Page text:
Return to:

How to download your Freebie

Click the orange "Download" button to get your copy of this free guide! If you don't see the orange "Download" button below, click "Log in or sign up" button to log in or set up your free Ceramic Arts Network account!

Get more than 25 FREE downloadable guides with recipes, techniques, and studio references—exclusive to Ceramic Arts Network! Sign up or log in to download your Freebie, and you will also receive a free subscription to our email newsletters!


 

Since humans first began to understand how to fire hardened clay, we have been making ceramics, both in pits and in wood kilns. Now, with so many fuel options available to the potter, wood-fired kilns are more of a choice than a necessity. While wood firing isn’t easy, the results are incomparable. The work in wood kilns reveals the story of the firing, with pieces showing ash deposits and the path of the flame through the kiln.

But not all wood kilns are built alike. Some are made for flashing from the flame, some are made for melted rivulets of ash and others still are designed to bury the ware in ash and make it crusty and craggy. Regardless of your wood-firing aesthetic, the wood kiln plans and diagrams in this helpful guide will show you several ways to get started understanding and building wood kilns.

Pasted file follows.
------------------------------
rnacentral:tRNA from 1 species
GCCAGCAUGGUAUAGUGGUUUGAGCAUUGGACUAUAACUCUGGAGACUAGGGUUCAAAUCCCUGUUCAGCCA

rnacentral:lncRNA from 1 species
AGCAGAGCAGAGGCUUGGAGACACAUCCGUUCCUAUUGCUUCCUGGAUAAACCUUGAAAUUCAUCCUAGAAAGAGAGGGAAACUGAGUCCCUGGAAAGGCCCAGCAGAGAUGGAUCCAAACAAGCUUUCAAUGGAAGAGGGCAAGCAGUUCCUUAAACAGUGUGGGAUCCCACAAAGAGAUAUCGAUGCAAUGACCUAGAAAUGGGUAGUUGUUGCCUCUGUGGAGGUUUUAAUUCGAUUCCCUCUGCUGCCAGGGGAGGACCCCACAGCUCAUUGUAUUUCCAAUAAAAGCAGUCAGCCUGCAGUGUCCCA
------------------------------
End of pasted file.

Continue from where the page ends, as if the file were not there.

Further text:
Wood Kiln Firing Techniques and Tips: Plans and Instructions for Making a Wood-fired Kiln and Firing with Wood  includes:

Wood Firing Basics

by Lowell Baker

Each wood kiln has its own firing characteristics, but there are some basic principles that hold true for any kiln using wood as fuel. Getting the basics right means better chances for great results. 

Budget Wood Firing

by Matt Schiemann

Planning a wood firing? Shocked by the price of wood? Check with your local dump, arborists, and cabinet makers to see if they can help out.

Wadding for Wood Firing

by Simon Levin

Wadding is an essential material when firing in a wood kiln. Without it, your pots would be married to the kiln shelves. To Simon Levin, wadding is a mixture of art and science. Here he shares how he uses wadding to great effect in his firings.

The Manabigama

by John Theis

A cross between an anagama and a groundhog-style kiln, the manabigama is a kiln that's within everyone's reach. Small, compact and simple to fire, this kiln can be fired by one person in a matter of hours and not days.

Empirical Learning

by Casey Clark

Stacking shelves and pots inside a kiln is important, but it can be crucial to the success of your firing. In this article, Casey Clark shares what he learned from his kiln stacking disaster.

Guest Potter Tips and Wood-Fire Recipes

by Lisa York

Group firings bring together potters to share in the labor and rewards of the kiln. As a guest, maximize the amount of work you can fit into another artist’s firing with these smart and considerate tips.

Download the free guide right now, and become a better ceramic artist tomorrow. That’s our promise to you from Ceramic Arts Network!

Best regards,

Jennifer Poellot Harnetty
Editor, Ceramic Arts Daily